We are just one week out from the 2018 PVGrows Forum and we are nearing capacity! Register today to secure yourself a seat on April 7th as we dig deep on the urgent and timely topics facing the Pioneer Valley food system. Join us to broaden and deepen your relationships with others in the field while identifying paths to take collaborative action for a more just, equitable food system!
Catered lunch, Gateway City Arts – Spanish interpretation services available
Keynote from Migrant Justice
Migrant Justice organizes immigrant farmworkers and allies in the state of Vermont for human rights and economic justice. Founded in 2009 after the death of a young dairy worker, the organization brings the farmworker community together with community assemblies to create a vision and roadmap for advancing human rights through collective action. In the decade since its founding, Migrant Justice has received national accolades for its cutting edge grassroots organizing, winning access to driver’s licenses for immigrant workers and the country’s strongest statewide policy preventing police collaboration with deportation agencies. In 2017, Migrant Justice signed a contract with Ben & Jerry’s ice cream to implement the organization’s worker-driven social responsibility program “Milk with Dignity” in the company’s supply chain. This program is now transforming conditions and securing human rights on farms across the state.
Sessions for the Day
Land Access in the Pioneer Valley
Both rural and urban agriculture face challenges related to land access in the Pioneer Valley and beyond. Our region’s long history of enslavement, racial discrimination, and anti-immigrant biases has forged the patterns of land and wealth distribution that exist today. Join us to explore this history, the challenges that exist in the field of land access today, and opportunities for taking action moving forward.
Immigration and the Food System
Now is a time of heightened stress and fear for foreign-born residents of the Pioneer Valley and beyond. Foreign-born residents play a substantial role in the food system of our region and now, more than ever, it is essential to support the food system workers of the Pioneer Valley. Join us as we examine the current lay of the land for immigrants working in the food system and explore approaches to taking action moving forward.
Building Political Muscle for Food Resilience
What’s the Farm Bill? Why does it matter? Build your toolbox, and take away actions your communities can do at the State and Federal levels to preserve the programs that ensure healthy food is accessible to all.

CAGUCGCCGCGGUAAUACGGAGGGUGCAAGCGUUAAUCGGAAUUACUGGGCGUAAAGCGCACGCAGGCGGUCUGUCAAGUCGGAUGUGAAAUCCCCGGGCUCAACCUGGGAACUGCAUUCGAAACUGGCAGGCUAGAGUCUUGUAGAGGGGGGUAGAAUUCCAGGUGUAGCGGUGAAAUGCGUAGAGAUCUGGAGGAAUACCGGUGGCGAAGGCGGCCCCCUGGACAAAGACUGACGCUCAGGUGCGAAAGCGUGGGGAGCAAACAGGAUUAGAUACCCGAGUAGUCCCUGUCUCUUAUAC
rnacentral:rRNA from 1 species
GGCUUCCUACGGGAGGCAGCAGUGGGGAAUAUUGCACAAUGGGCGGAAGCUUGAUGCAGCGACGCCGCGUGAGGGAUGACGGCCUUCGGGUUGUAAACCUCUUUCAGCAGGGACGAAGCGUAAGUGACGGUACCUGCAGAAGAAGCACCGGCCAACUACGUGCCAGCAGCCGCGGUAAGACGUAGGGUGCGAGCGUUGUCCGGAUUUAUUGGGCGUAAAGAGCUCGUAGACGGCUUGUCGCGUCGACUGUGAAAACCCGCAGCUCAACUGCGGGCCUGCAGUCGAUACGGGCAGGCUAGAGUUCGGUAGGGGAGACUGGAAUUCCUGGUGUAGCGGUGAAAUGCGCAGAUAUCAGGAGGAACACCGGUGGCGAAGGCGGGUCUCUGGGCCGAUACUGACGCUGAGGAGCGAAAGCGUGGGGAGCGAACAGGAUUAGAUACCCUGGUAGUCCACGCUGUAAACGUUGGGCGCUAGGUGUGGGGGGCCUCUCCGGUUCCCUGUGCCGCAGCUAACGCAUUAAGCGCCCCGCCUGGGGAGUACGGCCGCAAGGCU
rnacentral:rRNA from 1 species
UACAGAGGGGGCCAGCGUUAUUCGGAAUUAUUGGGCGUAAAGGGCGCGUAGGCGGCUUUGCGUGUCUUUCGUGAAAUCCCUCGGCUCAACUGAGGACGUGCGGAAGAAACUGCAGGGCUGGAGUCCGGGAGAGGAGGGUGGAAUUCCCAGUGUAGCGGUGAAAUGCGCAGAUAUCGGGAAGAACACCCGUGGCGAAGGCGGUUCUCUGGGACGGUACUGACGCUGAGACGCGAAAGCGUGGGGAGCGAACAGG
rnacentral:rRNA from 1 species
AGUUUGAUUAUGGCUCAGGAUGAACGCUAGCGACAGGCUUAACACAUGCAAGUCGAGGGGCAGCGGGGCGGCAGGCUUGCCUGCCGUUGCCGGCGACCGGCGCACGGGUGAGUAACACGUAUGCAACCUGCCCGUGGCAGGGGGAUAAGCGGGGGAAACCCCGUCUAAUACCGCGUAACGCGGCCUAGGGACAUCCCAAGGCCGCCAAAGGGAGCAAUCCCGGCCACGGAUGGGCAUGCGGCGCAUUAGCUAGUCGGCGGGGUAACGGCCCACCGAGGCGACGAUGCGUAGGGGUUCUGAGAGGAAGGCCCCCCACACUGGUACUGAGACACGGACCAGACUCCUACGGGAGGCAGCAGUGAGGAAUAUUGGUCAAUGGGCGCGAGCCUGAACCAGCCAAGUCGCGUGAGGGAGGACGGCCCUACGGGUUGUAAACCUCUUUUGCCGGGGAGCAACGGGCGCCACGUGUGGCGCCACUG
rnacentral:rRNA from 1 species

The Trump Administration’s 2019 Budget proposed cutting SNAP’s budget by over $200 billion in the coming decade while radically restructuring the entire program. This session will feature updates on the current status of this and other essential programs like Farm to School and FINI, the federal grant program that funded HIP, while offering an opportunity for developing strategies across our communities for protecting current funding levels and new ways of moving forward.
PVGrows Forums bring together food system stakeholders and participants to spend a day deeply exploring the Pioneer Valley food system. Our events are open to all. The 2018 PVGrows Forum is made possible by a volunteer planning committee, our sponsors, and CISA (Community Involved in Sustaining Agriculture.)
The Romans have been using it since the days of Julius Caesar, but not to get high. Both Washington and Jefferson grew it.
Now that several states have legalized the use of marijuana for some recreational and medical purposes, one of the biggest untapped markets for the cannabis plant itself — at least one variety — could be as a building tool.
The most sustainable building material isn’t concrete or steel — it’s fast-growing hemp. Hemp structures date to Roman times. A hemp mortar bridge was constructed back in the 6th century, when France was still Gaul.
Now a wave of builders and botanists are working to renew this market. Mixing hemp’s woody fibers with lime produces a natural, light concrete that retains thermal mass and is highly insulating. No pests, no mold, good acoustics, low humidity, no pesticide. It